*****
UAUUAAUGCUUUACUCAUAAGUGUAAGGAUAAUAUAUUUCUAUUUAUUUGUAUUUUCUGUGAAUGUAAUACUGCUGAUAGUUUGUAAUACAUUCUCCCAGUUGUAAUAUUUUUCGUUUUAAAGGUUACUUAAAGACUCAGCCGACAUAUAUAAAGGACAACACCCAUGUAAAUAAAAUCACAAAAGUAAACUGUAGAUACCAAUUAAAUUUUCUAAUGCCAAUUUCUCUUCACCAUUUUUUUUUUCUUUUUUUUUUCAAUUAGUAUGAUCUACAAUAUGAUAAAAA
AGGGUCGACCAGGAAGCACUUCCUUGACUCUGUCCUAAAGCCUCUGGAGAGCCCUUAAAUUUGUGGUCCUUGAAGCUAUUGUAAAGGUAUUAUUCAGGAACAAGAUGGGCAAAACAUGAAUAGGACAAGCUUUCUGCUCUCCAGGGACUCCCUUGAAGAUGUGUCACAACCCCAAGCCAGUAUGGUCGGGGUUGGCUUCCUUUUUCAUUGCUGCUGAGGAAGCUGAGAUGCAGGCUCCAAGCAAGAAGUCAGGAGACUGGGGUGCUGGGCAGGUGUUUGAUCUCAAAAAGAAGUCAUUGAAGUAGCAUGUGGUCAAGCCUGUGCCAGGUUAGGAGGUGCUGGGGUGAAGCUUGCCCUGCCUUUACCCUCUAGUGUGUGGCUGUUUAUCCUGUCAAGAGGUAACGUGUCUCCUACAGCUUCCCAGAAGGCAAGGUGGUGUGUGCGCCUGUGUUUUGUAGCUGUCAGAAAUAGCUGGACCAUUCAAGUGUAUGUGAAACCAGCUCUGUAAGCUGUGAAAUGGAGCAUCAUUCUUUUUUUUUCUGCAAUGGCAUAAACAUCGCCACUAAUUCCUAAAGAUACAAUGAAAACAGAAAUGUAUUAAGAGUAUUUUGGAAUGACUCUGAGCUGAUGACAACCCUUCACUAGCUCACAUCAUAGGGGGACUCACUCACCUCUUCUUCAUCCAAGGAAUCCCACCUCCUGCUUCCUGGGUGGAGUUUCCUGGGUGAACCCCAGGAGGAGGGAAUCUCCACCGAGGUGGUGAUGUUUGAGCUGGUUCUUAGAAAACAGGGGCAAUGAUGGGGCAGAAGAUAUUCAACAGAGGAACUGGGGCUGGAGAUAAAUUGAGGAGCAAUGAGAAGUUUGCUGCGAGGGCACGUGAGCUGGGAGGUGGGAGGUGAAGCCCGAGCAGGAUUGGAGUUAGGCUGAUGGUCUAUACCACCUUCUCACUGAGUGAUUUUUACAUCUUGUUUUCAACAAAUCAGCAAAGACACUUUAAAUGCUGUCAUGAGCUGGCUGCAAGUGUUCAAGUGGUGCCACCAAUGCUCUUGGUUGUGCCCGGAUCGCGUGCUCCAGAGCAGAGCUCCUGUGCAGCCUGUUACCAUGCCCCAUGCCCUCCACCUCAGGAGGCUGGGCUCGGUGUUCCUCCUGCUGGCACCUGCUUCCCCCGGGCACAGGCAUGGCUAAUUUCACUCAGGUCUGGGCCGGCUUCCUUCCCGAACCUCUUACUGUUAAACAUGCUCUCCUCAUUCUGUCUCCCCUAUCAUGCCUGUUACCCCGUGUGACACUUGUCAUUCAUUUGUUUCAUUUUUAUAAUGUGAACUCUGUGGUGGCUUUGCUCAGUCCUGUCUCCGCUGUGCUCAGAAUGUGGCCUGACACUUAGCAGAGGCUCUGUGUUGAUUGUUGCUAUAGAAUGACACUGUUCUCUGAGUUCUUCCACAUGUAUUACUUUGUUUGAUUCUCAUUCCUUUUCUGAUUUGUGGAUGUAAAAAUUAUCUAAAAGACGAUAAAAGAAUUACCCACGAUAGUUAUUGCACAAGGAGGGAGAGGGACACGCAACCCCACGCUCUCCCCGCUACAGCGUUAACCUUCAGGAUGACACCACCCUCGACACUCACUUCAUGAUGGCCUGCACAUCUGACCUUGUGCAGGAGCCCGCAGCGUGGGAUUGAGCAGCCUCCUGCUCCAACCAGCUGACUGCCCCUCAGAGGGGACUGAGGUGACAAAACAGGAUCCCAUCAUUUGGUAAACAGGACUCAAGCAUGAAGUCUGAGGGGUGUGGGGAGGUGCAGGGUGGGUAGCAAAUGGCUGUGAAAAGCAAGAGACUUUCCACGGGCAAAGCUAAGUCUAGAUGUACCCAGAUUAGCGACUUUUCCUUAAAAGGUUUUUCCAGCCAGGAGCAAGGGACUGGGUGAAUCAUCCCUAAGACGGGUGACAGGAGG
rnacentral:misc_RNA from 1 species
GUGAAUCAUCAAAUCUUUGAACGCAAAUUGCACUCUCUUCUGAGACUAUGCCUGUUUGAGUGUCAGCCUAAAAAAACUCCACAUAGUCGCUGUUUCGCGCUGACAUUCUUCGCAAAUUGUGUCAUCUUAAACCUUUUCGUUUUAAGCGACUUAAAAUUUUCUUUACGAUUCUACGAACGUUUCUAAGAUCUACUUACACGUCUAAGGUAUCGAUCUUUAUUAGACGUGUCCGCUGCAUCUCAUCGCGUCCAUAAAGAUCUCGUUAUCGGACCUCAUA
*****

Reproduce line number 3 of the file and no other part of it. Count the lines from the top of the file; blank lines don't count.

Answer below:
rnacentral:misc_RNA from 1 species